4. 9 Core Competencies Review — We discuss the Baseline Assessment or Org Fitness Review results with a special focus on the scores assigned to the 9 Core Competencies. Getting to greater than 90% strong across each Core Competency is essential to building a great company. 
  5. Focus Filters — We review and either reaffirm or revise our Vision’s Focus Filters so everyone’s on the same page about who we are, what we are, where we are going, and how we are getting there. Then, we revisit our goals because progressing toward them is one of the end-games of the Quarterly. Almost everything we talk about should keep our Compelling and Audacious, 3-Year, and 1-Year Goals in mind.
  6. Operating System Upgrades — This section focuses on improving the company's operation through the lens of Ninety’s growing collection of company-building concepts, tools, and disciplines (CTDs). We consider whether we should cascade the use of a CTD to other teams, increase our mastery of it, or adopt a brand new one. A business coach is infinitely helpful in reviewing possible upgrades to a company’s Business Operating System
  7. 90-Day Goal-Setting — Next, we establish the upcoming Quarter’s 90-day Numerical Goals and Rocks. These 90-Day Goals help us ensure we’re on track to achieve our 1-Year and 3-Year Goals. We likely already have Rock candidates in our Long-Term Issues list, but we may also decide to address new Issues or opportunities with a Rock. Be careful not to overdo it: The ideal number of Company Rocks (set by the Senior Leadership Team) is three to seven. These often inform departmental Rocks, which should also be no more than seven. Finally, each team member takes on individual Rocks. Try not to give anyone more than seven Rocks, all told.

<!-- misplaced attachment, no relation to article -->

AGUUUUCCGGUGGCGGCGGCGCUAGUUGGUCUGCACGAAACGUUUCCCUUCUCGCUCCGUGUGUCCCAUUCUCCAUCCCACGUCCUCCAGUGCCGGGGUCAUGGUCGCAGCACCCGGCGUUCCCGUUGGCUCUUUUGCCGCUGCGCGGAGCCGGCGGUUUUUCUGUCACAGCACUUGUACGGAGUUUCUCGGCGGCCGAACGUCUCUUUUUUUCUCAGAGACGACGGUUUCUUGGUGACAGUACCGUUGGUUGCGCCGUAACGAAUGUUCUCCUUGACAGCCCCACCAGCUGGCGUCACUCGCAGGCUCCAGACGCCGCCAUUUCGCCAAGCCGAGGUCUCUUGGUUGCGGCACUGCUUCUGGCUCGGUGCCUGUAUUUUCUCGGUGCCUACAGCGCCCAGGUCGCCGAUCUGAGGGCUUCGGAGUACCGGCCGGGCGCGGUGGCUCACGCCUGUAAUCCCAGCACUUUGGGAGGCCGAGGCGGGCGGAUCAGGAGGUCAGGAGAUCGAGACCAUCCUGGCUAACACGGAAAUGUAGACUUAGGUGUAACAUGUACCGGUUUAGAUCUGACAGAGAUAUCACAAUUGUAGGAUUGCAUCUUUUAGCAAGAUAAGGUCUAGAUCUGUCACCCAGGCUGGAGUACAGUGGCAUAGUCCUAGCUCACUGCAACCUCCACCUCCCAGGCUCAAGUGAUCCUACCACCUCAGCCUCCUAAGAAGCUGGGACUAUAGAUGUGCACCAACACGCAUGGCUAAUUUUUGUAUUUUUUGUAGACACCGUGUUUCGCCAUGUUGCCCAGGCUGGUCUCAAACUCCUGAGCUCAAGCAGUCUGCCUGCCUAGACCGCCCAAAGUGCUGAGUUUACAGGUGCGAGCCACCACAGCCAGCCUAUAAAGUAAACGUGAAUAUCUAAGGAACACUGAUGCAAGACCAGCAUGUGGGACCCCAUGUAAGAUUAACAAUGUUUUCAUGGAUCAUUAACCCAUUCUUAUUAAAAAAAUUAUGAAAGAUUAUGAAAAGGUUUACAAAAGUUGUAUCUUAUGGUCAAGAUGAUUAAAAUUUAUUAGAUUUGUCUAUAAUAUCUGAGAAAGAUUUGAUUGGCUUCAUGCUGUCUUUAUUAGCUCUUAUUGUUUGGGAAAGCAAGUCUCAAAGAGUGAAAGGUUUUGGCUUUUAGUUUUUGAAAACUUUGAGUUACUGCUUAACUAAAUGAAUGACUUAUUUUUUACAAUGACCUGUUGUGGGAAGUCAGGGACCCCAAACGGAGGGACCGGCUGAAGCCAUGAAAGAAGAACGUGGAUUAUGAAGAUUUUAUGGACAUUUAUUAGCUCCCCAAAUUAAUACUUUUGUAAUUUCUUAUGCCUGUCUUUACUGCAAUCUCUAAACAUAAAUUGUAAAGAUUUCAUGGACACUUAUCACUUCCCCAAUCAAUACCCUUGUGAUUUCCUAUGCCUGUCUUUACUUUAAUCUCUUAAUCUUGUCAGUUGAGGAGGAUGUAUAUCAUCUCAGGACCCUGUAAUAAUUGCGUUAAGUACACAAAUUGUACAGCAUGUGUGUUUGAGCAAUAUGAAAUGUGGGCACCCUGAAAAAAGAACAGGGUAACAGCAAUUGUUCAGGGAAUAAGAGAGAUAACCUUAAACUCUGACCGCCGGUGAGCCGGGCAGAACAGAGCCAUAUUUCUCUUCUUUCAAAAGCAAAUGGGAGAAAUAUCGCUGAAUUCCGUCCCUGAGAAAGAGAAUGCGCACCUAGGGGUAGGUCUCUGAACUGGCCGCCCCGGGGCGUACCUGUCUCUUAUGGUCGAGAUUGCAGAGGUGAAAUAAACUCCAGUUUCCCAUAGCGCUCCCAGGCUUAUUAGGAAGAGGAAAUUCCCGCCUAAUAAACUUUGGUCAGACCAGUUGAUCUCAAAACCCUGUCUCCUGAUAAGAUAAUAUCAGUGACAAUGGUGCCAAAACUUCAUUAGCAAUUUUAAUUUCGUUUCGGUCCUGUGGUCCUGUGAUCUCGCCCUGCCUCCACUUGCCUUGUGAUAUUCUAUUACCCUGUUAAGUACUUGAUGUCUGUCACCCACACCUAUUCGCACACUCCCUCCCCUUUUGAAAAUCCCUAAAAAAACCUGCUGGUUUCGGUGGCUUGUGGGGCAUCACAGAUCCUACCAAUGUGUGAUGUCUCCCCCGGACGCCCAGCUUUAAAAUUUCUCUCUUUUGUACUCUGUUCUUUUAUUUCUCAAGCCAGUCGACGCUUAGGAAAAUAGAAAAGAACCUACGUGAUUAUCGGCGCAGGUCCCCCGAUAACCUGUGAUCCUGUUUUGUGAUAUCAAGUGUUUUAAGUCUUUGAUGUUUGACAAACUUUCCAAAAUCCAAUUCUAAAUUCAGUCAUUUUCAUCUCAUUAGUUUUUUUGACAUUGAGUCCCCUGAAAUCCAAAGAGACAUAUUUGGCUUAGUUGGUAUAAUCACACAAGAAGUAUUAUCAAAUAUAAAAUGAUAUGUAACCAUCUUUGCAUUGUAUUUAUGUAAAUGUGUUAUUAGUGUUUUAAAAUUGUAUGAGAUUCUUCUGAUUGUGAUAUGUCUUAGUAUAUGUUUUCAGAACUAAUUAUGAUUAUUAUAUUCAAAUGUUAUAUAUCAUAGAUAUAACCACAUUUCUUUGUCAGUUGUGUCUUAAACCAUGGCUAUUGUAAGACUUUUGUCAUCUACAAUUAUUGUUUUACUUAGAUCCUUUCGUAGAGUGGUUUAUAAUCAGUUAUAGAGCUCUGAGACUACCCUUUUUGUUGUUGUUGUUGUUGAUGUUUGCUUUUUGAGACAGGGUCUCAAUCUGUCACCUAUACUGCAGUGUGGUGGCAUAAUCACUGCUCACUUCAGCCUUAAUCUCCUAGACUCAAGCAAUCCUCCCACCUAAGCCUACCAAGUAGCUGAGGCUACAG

8. Long-Term Issues — This section is the meat of the Quarterly. Through a process named Raise, Discuss, and Resolve (RDR), we look at and solve the Long-Term Issues that weren’t turned into Rocks and aren’t candidates for future Rocks. Most of these have been developing over the past quarter or in the previous sections of this Quarterly. The goal is to get to the heart of the Issue. We recommend ranking Issues in Ninety, so everyone is on the same page regarding what needs to be resolved during this meeting. Long-Term Issues lists often have many things that can wait a quarter or two. We RDR all possible Issues and change anything that’s still a priority at the end of the session into a Short-Term Issue to address in an upcoming Weekly Team Meeting. 
  9. Next Steps — This is a quick review of all To-Dos created to hold team members accountable for the action steps and agreements we generated during the Quarterly.
  10. Conclude — Everyone provides feedback on the meeting. We also reflect on the expectations we set during the Check-In and decide if the session met them. To close the day, we rate the Quarterly’s preparedness, productivity, and effectiveness on a scale of 1 to 10.